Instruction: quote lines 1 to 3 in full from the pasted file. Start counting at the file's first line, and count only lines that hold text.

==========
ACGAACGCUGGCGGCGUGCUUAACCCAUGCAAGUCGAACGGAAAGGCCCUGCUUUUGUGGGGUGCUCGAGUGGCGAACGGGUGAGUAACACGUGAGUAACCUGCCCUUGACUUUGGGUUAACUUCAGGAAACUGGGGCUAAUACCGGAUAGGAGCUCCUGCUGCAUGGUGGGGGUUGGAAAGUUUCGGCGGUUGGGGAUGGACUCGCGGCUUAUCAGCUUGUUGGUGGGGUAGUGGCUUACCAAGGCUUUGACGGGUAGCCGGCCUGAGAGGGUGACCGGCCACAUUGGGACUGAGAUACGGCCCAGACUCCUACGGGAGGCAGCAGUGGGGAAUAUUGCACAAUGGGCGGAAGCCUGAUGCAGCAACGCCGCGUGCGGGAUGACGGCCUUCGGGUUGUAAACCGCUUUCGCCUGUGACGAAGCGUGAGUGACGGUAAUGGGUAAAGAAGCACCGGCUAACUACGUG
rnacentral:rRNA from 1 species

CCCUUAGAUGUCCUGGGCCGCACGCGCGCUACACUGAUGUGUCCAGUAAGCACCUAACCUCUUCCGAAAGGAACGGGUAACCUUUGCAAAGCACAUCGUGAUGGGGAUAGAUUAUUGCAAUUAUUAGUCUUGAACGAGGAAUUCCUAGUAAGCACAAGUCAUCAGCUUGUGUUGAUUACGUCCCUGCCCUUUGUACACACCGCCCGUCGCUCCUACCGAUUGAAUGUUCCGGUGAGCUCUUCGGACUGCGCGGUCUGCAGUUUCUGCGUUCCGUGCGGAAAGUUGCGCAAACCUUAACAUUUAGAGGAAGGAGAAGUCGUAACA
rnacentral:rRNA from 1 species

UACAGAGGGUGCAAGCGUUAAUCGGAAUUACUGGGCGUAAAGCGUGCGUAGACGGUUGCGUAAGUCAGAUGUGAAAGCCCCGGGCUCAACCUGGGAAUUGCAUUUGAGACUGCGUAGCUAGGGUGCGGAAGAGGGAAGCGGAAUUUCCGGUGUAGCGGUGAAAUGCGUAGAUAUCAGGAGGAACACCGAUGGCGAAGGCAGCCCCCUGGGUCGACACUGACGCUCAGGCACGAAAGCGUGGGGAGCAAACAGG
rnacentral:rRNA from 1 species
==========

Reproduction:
ACGAACGCUGGCGGCGUGCUUAACCCAUGCAAGUCGAACGGAAAGGCCCUGCUUUUGUGGGGUGCUCGAGUGGCGAACGGGUGAGUAACACGUGAGUAACCUGCCCUUGACUUUGGGUUAACUUCAGGAAACUGGGGCUAAUACCGGAUAGGAGCUCCUGCUGCAUGGUGGGGGUUGGAAAGUUUCGGCGGUUGGGGAUGGACUCGCGGCUUAUCAGCUUGUUGGUGGGGUAGUGGCUUACCAAGGCUUUGACGGGUAGCCGGCCUGAGAGGGUGACCGGCCACAUUGGGACUGAGAUACGGCCCAGACUCCUACGGGAGGCAGCAGUGGGGAAUAUUGCACAAUGGGCGGAAGCCUGAUGCAGCAACGCCGCGUGCGGGAUGACGGCCUUCGGGUUGUAAACCGCUUUCGCCUGUGACGAAGCGUGAGUGACGGUAAUGGGUAAAGAAGCACCGGCUAACUACGUG
rnacentral:rRNA from 1 species

CCCUUAGAUGUCCUGGGCCGCACGCGCGCUACACUGAUGUGUCCAGUAAGCACCUAACCUCUUCCGAAAGGAACGGGUAACCUUUGCAAAGCACAUCGUGAUGGGGAUAGAUUAUUGCAAUUAUUAGUCUUGAACGAGGAAUUCCUAGUAAGCACAAGUCAUCAGCUUGUGUUGAUUACGUCCCUGCCCUUUGUACACACCGCCCGUCGCUCCUACCGAUUGAAUGUUCCGGUGAGCUCUUCGGACUGCGCGGUCUGCAGUUUCUGCGUUCCGUGCGGAAAGUUGCGCAAACCUUAACAUUUAGAGGAAGGAGAAGUCGUAACA